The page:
Minnesota Secretary of State Steve Simon made a pitch to Congress Wednesday for more money to aid election security efforts across the country.
Simon, part of a group of state election officials testifying on election security, told the U.S. Senate Committee on Rules and Administration that while he was pleased with the $6.6 million already on its way to Minnesota, ongoing federal money was needed to fight the ongoing threat of election-system hacking.
“There is no end zone where you get to spike the ball. There is no tape that you get to cross,” Simon said. “You always have to stay one step ahead of the bad guys, and the bad guys get smarter every year. And by the way, some of them are funded by foreign governments with virtually unlimited resources.”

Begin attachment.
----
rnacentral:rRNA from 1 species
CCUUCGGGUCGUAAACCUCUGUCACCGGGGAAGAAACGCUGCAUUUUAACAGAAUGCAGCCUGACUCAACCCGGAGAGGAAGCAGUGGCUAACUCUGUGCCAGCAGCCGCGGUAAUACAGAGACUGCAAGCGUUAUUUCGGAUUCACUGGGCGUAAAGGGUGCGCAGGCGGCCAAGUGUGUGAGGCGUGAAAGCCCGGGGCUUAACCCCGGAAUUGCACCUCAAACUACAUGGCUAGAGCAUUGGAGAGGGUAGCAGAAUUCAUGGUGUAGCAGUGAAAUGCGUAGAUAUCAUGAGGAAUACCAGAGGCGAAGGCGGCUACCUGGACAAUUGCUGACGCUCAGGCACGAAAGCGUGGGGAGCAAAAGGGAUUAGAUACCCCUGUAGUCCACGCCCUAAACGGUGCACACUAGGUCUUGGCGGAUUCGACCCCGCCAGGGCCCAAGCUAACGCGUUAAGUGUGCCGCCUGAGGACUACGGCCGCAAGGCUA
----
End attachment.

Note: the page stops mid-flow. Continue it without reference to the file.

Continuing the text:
Minnesota was among 21 states targeted by Russian hackers in 2016.
Simon said he believes Minnesota’s use of paper ballots is a “huge advantage” for warding off such attacks and keeping the election system secure. He said more states are now returning to that “old school” approach.
“It’s very hard to hack paper,” he said.
Minnesota U.S. Sen. Amy Klobuchar, the panel’s ranking Democrat, is co-sponsoring legislation aimed at protecting federal elections from cybersecurity threats. The measure would establish minimum security standards for states and provide funding for system upgrades.
Klobuchar said the integrity of the democracy is at stake.
“Hack us once, shame on them, hack us twice, shame on us, if we don’t do anything about it,” Klobuchar said. “We know it happened, and we know it will happen again.”